Some 2,300 migrants will be evacuated from camps along canals in Paris after two drowned and others have been injured in fights
- France’s Interior Minister Gerard Collomb ordered the evacuation today
- Two migrants drowned this month in canals, increasing the pressure to act
- Paris has already cleared out 28,000 migrants from Paris camps since 2015
France’s interior minister has ordered the evacuation of some 2,300 migrants camped along canals in Paris.
Interior Minister Gerard Collomb said in a statement Wednesday that he ordered police to work out an evacuation operation soon that would ‘reconcile’ the demands of a tough new immigration law and appeals by aid groups to give the migrants shelter.
Tent camps have mushroomed in recent weeks along canals used by joggers and cyclists in eastern and northeastern Paris, raising concerns for safety and public hygiene.
Two migrants drowned this month in canals and others have been injured in fights, increasing the pressure to act.
A migrant takes a nap near tents where asylum seekers live in a makeshift camp alongside of the canal Saint-Martin in Paris last week
Tents where asylum seekers live in a makeshift camp line up along the canal Saint-Martin in Paris
Tent camps have mushroomed in recent weeks along canals used by joggers and cyclists in eastern and northeastern Paris
Mayor Anne Hidalgo has appealed to the government for help. The city has already cleared out some 28,000 migrants from Paris camps since 2015.
Collomb criticized Paris City Hall for refusing to evacuate them and urged a long-term plan for migrants streaming regularly into the French capital.
The debate raises a question shared across European nations seeking to manage the migrant flux, which has ebbed since the mass Syrian refugee crisis a few years ago but remains a steady challenge.
Collomb expressed ‘regret’ at Hidalgo’s refusal to clear out the migrants, and said he had no choice but to order an evacuation, expected in the coming days.
The mayor and aid groups want the migrants put in shelters, not just evacuated in a police operation and dispersed or summarily deported. Paris police have already cleared out some 28,000 migrants from Paris camps in the past three years, but the arrivals haven’t slowed.
Collomb is behind the government’s tough immigration bill that has rained criticism on President Emmanuel Macron, who is working to stop migration at its source and use a police approach at home. Refusing to shelter the Paris migrants exemplifies the approach.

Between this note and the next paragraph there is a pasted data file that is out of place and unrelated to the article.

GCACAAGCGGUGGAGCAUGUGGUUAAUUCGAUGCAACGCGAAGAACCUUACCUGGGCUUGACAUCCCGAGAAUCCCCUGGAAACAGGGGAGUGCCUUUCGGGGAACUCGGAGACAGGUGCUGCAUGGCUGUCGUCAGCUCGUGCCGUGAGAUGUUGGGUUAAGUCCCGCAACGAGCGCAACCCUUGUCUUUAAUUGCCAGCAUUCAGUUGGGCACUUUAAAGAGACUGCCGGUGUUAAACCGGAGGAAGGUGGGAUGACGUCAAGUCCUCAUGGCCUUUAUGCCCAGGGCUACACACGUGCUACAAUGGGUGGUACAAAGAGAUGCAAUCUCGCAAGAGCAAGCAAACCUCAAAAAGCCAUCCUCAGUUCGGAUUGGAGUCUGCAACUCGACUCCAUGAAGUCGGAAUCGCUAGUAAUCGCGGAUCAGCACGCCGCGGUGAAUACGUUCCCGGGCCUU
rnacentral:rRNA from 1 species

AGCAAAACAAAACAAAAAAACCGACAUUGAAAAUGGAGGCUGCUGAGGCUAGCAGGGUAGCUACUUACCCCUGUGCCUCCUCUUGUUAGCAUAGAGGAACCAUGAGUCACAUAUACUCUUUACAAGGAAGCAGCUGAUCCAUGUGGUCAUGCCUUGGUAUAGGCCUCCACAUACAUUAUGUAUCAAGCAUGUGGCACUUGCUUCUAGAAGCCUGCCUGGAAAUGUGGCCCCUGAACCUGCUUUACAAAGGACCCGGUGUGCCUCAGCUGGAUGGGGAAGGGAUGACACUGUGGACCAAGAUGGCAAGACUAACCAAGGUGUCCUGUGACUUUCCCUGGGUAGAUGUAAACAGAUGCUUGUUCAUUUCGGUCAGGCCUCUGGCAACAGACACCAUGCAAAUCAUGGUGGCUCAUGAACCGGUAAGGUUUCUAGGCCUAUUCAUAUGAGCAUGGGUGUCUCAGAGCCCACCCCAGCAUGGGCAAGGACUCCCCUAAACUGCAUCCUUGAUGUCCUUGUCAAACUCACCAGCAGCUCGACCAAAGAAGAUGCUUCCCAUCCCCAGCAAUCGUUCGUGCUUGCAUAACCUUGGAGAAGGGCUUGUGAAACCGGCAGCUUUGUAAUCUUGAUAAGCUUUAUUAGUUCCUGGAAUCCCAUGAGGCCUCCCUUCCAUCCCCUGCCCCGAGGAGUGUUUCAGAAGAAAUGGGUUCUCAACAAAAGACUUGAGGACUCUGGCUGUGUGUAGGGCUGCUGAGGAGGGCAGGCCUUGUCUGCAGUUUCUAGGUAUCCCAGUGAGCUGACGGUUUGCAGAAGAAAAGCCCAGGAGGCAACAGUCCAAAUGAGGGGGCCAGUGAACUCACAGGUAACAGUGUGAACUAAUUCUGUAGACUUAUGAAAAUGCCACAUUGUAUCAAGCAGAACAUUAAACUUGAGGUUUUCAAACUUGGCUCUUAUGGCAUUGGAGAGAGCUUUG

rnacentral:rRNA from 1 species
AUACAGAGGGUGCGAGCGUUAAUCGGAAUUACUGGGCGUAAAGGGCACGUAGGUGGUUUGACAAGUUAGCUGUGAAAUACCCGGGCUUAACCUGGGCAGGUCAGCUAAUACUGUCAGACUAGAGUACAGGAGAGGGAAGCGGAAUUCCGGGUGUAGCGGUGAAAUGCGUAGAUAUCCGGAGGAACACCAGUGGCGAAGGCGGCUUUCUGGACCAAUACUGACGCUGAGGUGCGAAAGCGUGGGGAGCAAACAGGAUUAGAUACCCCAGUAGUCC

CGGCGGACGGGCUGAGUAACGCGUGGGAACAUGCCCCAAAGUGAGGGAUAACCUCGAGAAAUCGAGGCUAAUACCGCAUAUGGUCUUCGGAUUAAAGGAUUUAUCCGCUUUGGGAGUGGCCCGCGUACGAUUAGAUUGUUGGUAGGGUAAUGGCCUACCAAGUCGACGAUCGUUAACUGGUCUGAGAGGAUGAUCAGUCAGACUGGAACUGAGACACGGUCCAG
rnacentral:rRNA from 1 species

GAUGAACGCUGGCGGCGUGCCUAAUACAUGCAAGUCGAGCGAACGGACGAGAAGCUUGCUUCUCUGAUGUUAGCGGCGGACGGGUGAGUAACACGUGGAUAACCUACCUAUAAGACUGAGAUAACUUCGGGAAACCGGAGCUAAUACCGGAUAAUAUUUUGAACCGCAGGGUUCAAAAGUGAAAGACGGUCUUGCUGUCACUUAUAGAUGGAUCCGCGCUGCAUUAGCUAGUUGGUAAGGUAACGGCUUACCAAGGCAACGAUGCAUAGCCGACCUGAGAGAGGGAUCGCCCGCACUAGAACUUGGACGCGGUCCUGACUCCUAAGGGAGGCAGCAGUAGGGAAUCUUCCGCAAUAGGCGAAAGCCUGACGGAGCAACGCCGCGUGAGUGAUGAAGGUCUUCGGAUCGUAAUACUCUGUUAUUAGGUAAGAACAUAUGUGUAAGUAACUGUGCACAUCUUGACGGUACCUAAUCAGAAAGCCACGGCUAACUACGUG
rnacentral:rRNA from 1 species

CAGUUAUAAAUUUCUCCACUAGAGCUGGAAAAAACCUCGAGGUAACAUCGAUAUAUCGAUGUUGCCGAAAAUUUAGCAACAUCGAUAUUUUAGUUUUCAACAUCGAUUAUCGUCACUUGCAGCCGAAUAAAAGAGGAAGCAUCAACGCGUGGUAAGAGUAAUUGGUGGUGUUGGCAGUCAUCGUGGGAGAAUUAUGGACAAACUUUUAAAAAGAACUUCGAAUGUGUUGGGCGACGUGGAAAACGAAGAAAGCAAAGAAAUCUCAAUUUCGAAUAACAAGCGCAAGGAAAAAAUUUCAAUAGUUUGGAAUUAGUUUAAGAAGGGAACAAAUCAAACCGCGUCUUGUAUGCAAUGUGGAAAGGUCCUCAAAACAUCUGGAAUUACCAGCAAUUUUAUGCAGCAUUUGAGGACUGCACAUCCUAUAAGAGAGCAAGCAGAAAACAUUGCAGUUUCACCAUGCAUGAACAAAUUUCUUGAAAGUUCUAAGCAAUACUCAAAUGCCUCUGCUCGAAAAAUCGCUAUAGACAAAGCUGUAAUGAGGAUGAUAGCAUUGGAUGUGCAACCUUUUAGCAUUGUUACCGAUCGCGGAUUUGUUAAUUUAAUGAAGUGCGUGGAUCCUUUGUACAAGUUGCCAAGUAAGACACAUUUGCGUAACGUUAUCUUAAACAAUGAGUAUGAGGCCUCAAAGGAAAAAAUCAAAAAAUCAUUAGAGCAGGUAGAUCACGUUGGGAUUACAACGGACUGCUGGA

Side-to-side and back-to-back, hundreds of small tents are packed under bridges on the side of a canal in far northeastern Paris, beside a shopping center, banks and other businesses.
The largest migrant camp in Paris is at the center of a tug-of-war over how best to respond to the burgeoning population of migrants in the French capital
In this photo taken on Friday May 18 migrants camp under a bridge in Paris. France’s interior minister has ordered the evacuation of some 2,300 migrants camped in Paris
The tents, filled mainly with African migrants, hold stories of horrific stays in Libya, desperate boat trips across the Mediterranean, frozen journeys on foot through the Alps – and visions of the good life that fuels the dreams of all migrants.
Joggers, cyclists and those working in the area pass in the narrow space available, as river shuttles and barges ply the canal’s waters.
The surrealistic scene is repeated along the Canal Saint-Martin, a scenic stretch popular with tourists in the heart of Paris where an estimated 450 migrants, many Afghan, are camped.
‘It’s not the best vision from the office window,’ said Kevin Sadoun, who works at a major bank with offices around the largest encampment, known as the ‘Millenaire’ after the shopping center overlooking the tents. ‘We see people pee, defecate … But they have no choice,’ he said.
There are few portable toilets and urinals, and just one set of spigots where migrants wash clothes.
Naby Sylla, a 20-year-old Guinean, is among migrants who crossed into France via the Alps, after traveling by raft from Sabratha, Libya, to Italy. He left Italy, he said, after being twice attacked, once with a bottle and needing hospital treatment.
‘In Africa, we thought that Europe was a place of welcome. Unfortunately, we don’t find that,’ he told The Associated Press.
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